Moving Matters
Of course, a little sweat is healthy, too, so if you want to crank it up a notch, and you don’t have any health conditions in the way, feel free. When the people in the study kicked activity levels into high gear — logging 7 hours of moderate-intensity exercise each week — their mortality risk dropped by 25 percent compared with nonactive folks. Chalk it up to the favorable impact exercise has on weight (active people gain less over time) and blood pressure (exercise helps keep those blood vessel walls nice and relaxed). Make walking a regular part of your life!

Coming Soon. . .

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A Very Bad Idea That Millions of People Believe

April 4, 2014 Leave a comment

by Deepak Chopra

 

For the first time since the field of psychology formally became a science, which was only a century ago, serious attention is being paid to happiness. Previously, the focus was on the causes of unhappiness, and with good reason. Mental disorders inflict enormous misery, and generations of clinicians wanted to find some kind of cure. Psychiatrists and psychologists are still devoted to this aim, but room has been made to ask a fundamental question: Is it possible to find lasting happiness?

 

The jury is still out, so far as a professional consensus is concerned. One view is that happiness is fairly random and incidental – it comes and goes, without anyone predicting when it will happen. Another view is that happiness needs to be redefined so that people don’t chase after a fantasy of constant sunshine and bliss. Our expectations should be reduced, with the aim of a general state of contentment. Finally, there are super-optimists who maintain that the highest level of happiness is possible, but it is attainable only by locating a higher reality and establishing yourself there.

Given these very mixed messages, the vast majority of people ignore psychological theory, using their time and energy to carve out a workable, everyday kind of happiness, while in the back of their minds they fear the catastrophes that may destroy their happiness altogether – poverty, crime, and disease. One reason that the field of “positive psychology” came into being is that this seat-of-the-pants approach to happiness doesn’t actually work very well, and it’s probably declining as we speak.

This is where a very bad idea enters the picture. It holds that money buys happiness, and the more money you have, the happier you will be. In a sense, capitalism runs on this idea, but I’m not writing to outline the flaws in capitalism. Every economic system generates its own myths and is blind to its own defects if you believe in the system. The real problem with “money buys happiness” is twofold. First, it’s not true beyond a very limited point. Having enough money to be comfortable produces more happiness than living with the stress of poverty and want. Beyond this fairly modest state of financial security (not so modest if you were born into a poor country or have an impoverished background in a rich one) money brings more stress than it’s worth.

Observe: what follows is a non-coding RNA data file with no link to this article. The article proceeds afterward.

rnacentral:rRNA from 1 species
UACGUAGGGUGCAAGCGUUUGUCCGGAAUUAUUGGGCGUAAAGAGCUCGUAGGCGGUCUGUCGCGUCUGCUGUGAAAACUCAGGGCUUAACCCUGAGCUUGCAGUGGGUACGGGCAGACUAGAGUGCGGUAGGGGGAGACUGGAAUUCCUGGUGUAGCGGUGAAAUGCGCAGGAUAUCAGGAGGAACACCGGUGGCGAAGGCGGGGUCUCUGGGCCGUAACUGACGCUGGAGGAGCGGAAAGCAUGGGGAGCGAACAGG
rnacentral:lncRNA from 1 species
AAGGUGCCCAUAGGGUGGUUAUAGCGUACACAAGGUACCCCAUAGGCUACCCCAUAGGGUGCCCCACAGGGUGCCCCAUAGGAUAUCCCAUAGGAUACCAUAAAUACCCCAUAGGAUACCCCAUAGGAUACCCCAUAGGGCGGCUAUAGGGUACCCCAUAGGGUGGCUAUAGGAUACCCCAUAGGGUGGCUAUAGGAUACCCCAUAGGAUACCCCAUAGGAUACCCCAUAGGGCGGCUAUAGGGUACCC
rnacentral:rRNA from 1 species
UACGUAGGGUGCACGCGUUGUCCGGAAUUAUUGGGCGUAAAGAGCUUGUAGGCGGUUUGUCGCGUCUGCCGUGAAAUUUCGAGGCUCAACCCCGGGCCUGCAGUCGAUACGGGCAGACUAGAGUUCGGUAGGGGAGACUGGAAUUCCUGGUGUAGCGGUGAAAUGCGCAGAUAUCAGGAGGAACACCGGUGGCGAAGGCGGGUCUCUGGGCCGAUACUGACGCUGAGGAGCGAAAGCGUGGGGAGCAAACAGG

Positive psychologists seem pretty sure about this finding, looking at a broad range of subjects, although of course there are exceptions – rich people who seem exceedingly happy and poor people who seem the same. Even so, if you really care about your happiness more than your bank account, you shouldn’t devote your life to the pursuit of wealth, no matter how much our society glorifies being rich and mythologizes the wealthy as if they live in a paradise on earth.

The second reason that “money buys happiness” is such a bad idea is subtler. The pursuit of money prevents you from finding happiness another way. I hold the minority position about happiness, the one that says lasting happiness depends on our state of awareness, and to find the highest state of happiness, you must reach a higher state of consciousness. The same view has been held for centuries by all the world’s wisdom traditions, and ironically, now is the best time to test it out. In the past, the average person was helpless in the face of poverty, war, and disease. That’s no longer true for millions of people who have enough control over their destiny to pursue happiness rather than simply try to survive.

It would be a shame to waste this golden opportunity by thoughtlessly adhering to such a bad idea as “money buys happiness.” From the seed of this idea grows offspring, such as the idea that poverty means that you are an inferior person, a loser, or the idea that winning is everything, since winning implies monetary rewards. Then there’s the idea that you can use your money to buy so many glittery toys and distractions that these will constitute happiness, and so on. The truth is that happiness is an inner pursuit that is very different from the pursuit of pleasure or the amassment of a fortune. No one should accept this as a given; it needs to be tested out personally. In the end, the message of the world’s wisdom traditions is a call to find out the truth for yourself. It just helps to clear away the underbrush of untruths, and “money buys happiness” is just that.

 


 

 

“Any moment is the right moment to begin the journey to happiness.”

–Robert Eugene Miller

 

Coming Soon. . .

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It’s Up to You

April 3, 2014 Leave a comment

start today

One song can spark a moment,

One flower can wake the dream.

One tree can start a forest,

One bird can herald spring.

One smile begins a friendship,

One handclasp lifts a soul.

One star can guide a ship at sea,

One word can frame the goal.

One vote can change a nation,

One sunbeam lights a room.

One candle wipes out darkness,

One laugh will conquer gloom.

One step must start each journey,

One word must start each prayer.

One hope will raise our spirits,

One touch can show you care.

One voice can speak with wisdom,

One heart can know what’s true.

One life can make the difference,

You see, It’s Up to You!

–Anonymous

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Coming Soon. . .